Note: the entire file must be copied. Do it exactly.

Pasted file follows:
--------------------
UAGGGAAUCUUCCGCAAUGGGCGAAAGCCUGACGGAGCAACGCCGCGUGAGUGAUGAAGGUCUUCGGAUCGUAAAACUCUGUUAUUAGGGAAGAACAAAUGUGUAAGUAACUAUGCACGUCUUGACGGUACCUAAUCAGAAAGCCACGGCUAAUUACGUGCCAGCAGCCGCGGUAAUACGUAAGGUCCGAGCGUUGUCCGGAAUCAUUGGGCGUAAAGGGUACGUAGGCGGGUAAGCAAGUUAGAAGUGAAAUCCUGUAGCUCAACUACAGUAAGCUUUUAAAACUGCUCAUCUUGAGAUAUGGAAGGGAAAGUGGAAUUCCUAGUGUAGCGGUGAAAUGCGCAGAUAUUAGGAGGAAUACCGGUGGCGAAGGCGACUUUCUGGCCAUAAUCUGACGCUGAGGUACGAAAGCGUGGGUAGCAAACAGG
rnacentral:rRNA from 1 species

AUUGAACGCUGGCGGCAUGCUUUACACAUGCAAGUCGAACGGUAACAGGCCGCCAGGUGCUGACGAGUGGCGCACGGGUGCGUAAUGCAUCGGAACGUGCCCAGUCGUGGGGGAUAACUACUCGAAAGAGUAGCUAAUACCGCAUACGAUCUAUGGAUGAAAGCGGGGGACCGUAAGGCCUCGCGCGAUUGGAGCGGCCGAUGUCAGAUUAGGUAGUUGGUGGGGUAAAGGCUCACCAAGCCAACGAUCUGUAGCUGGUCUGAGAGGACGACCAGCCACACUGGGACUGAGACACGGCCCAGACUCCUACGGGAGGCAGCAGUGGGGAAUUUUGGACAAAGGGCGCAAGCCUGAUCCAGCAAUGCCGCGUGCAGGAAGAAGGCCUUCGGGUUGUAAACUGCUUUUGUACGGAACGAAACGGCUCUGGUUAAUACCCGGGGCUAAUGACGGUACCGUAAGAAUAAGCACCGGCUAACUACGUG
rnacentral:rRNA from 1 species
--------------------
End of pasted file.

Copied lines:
UAGGGAAUCUUCCGCAAUGGGCGAAAGCCUGACGGAGCAACGCCGCGUGAGUGAUGAAGGUCUUCGGAUCGUAAAACUCUGUUAUUAGGGAAGAACAAAUGUGUAAGUAACUAUGCACGUCUUGACGGUACCUAAUCAGAAAGCCACGGCUAAUUACGUGCCAGCAGCCGCGGUAAUACGUAAGGUCCGAGCGUUGUCCGGAAUCAUUGGGCGUAAAGGGUACGUAGGCGGGUAAGCAAGUUAGAAGUGAAAUCCUGUAGCUCAACUACAGUAAGCUUUUAAAACUGCUCAUCUUGAGAUAUGGAAGGGAAAGUGGAAUUCCUAGUGUAGCGGUGAAAUGCGCAGAUAUUAGGAGGAAUACCGGUGGCGAAGGCGACUUUCUGGCCAUAAUCUGACGCUGAGGUACGAAAGCGUGGGUAGCAAACAGG
rnacentral:rRNA from 1 species

AUUGAACGCUGGCGGCAUGCUUUACACAUGCAAGUCGAACGGUAACAGGCCGCCAGGUGCUGACGAGUGGCGCACGGGUGCGUAAUGCAUCGGAACGUGCCCAGUCGUGGGGGAUAACUACUCGAAAGAGUAGCUAAUACCGCAUACGAUCUAUGGAUGAAAGCGGGGGACCGUAAGGCCUCGCGCGAUUGGAGCGGCCGAUGUCAGAUUAGGUAGUUGGUGGGGUAAAGGCUCACCAAGCCAACGAUCUGUAGCUGGUCUGAGAGGACGACCAGCCACACUGGGACUGAGACACGGCCCAGACUCCUACGGGAGGCAGCAGUGGGGAAUUUUGGACAAAGGGCGCAAGCCUGAUCCAGCAAUGCCGCGUGCAGGAAGAAGGCCUUCGGGUUGUAAACUGCUUUUGUACGGAACGAAACGGCUCUGGUUAAUACCCGGGGCUAAUGACGGUACCGUAAGAAUAAGCACCGGCUAACUACGUG
rnacentral:rRNA from 1 species